A Colonial New Orleans Meal

Food & Lifestyle

August 9, 2013
by Lars D. H. Hedbor Also by this Author


Journal of the American Revolution is the leading source of knowledge about the American Revolution and Founding Era. We feature smart, groundbreaking research and well-written narratives from expert writers. Our work has been featured by the New York Times, TIME magazine, History Channel, Discovery Channel, Smithsonian, Mental Floss, NPR, and more. Journal of the American Revolution also produces annual hardcover volumes, a branded book series, and the podcast, Dispatches

no1Although often overlooked, New Orleans, as a Spanish colonial city, was the site of pivotal events in the war for American independence from Great Britain.   As detailed in an earlier article published in the Journal of the American Revolution, it was here that Bernardo de Galvéz vaulted onto the scene.  He rose from his role as governor of one of King Carlos’ distant holdings to perform as a bold and dashing military commander, seizing Britain’s southernmost colonies of East and West Florida, and denying the British the use of the Mississippi River for the duration of the war.

It was also already a vibrant city, with a rich history.  The largest American settlement outside of the Atlantic Seaboard, it had been influenced by French and Spanish rule, and by trade with Europeans from all of the other major powers, as well as by the influx of African slaves brought by the settlers.  Its food culture, celebrated globally today, was similarly already rich and varied, and we’ll dip but a toe into those waters with this meal.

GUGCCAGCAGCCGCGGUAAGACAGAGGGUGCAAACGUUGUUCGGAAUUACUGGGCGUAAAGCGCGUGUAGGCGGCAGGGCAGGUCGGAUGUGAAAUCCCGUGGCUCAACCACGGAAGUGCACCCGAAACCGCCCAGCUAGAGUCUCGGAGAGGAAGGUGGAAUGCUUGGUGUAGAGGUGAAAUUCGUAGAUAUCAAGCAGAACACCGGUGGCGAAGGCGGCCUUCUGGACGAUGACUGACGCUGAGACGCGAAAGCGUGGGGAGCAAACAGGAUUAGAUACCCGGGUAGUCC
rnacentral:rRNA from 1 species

Ropa Vieja
During the same period as the outbreak of hostilities in the British American Colonies, the Spanish became concerned that they would come under attack by the British, as King George sought to expand his dominion in the New World to include the gold and silver producing regions of Mexico.

To help bolster their numbers in the Louisiana territory for defense of these wealth-producing lands, the Spanish moved several groups of settlers from the Canary Islands between 1778 and 1783[i], and those people brought their own unique take on the Continental Spanish cuisines.  One of their typical dishes, Ropa Vieja is simple to make, but has a wonderfully complex interplay of flavors.

As the original recipe relied on long, slow stewing, over a low bed of coals, we’ll make it in a slow cooker, which won’t impart the exact same flavors, but will also free us from having to construct a tripod and firepit to experience this dish.

Heat in a large skillet:
1 tbsp (15 ml) olive oil

Brown on both sides (approximately four minutes each):